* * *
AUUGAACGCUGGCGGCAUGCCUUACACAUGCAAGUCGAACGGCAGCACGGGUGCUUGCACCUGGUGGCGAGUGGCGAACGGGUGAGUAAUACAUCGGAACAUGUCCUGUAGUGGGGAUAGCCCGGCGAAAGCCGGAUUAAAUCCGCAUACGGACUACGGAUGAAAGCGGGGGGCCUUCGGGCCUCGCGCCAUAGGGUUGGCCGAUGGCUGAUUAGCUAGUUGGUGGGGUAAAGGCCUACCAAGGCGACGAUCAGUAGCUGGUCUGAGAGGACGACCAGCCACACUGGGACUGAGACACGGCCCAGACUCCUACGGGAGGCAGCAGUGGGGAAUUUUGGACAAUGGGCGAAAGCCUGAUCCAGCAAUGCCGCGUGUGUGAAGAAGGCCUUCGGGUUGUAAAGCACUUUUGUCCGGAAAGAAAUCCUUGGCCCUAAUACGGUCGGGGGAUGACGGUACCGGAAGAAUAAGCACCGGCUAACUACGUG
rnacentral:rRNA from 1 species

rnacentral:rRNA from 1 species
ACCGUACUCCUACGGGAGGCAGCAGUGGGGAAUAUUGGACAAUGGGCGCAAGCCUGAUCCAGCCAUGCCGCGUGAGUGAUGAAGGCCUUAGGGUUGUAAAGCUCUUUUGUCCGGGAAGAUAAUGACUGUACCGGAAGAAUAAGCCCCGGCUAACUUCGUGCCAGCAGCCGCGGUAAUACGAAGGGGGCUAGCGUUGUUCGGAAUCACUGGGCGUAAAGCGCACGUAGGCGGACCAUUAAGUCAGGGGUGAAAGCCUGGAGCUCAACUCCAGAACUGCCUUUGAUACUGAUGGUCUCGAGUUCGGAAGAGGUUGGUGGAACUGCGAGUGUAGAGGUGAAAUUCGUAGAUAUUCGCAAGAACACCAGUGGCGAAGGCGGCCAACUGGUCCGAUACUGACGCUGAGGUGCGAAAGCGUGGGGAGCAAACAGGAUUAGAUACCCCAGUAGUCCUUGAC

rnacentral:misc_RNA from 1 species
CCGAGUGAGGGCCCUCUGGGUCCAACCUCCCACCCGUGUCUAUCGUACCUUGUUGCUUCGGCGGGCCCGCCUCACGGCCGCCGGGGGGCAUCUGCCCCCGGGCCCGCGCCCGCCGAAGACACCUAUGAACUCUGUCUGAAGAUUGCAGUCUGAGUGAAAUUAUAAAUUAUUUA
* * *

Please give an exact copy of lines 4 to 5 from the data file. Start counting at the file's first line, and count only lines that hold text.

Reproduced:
ACCGUACUCCUACGGGAGGCAGCAGUGGGGAAUAUUGGACAAUGGGCGCAAGCCUGAUCCAGCCAUGCCGCGUGAGUGAUGAAGGCCUUAGGGUUGUAAAGCUCUUUUGUCCGGGAAGAUAAUGACUGUACCGGAAGAAUAAGCCCCGGCUAACUUCGUGCCAGCAGCCGCGGUAAUACGAAGGGGGCUAGCGUUGUUCGGAAUCACUGGGCGUAAAGCGCACGUAGGCGGACCAUUAAGUCAGGGGUGAAAGCCUGGAGCUCAACUCCAGAACUGCCUUUGAUACUGAUGGUCUCGAGUUCGGAAGAGGUUGGUGGAACUGCGAGUGUAGAGGUGAAAUUCGUAGAUAUUCGCAAGAACACCAGUGGCGAAGGCGGCCAACUGGUCCGAUACUGACGCUGAGGUGCGAAAGCGUGGGGAGCAAACAGGAUUAGAUACCCCAGUAGUCCUUGAC

rnacentral:misc_RNA from 1 species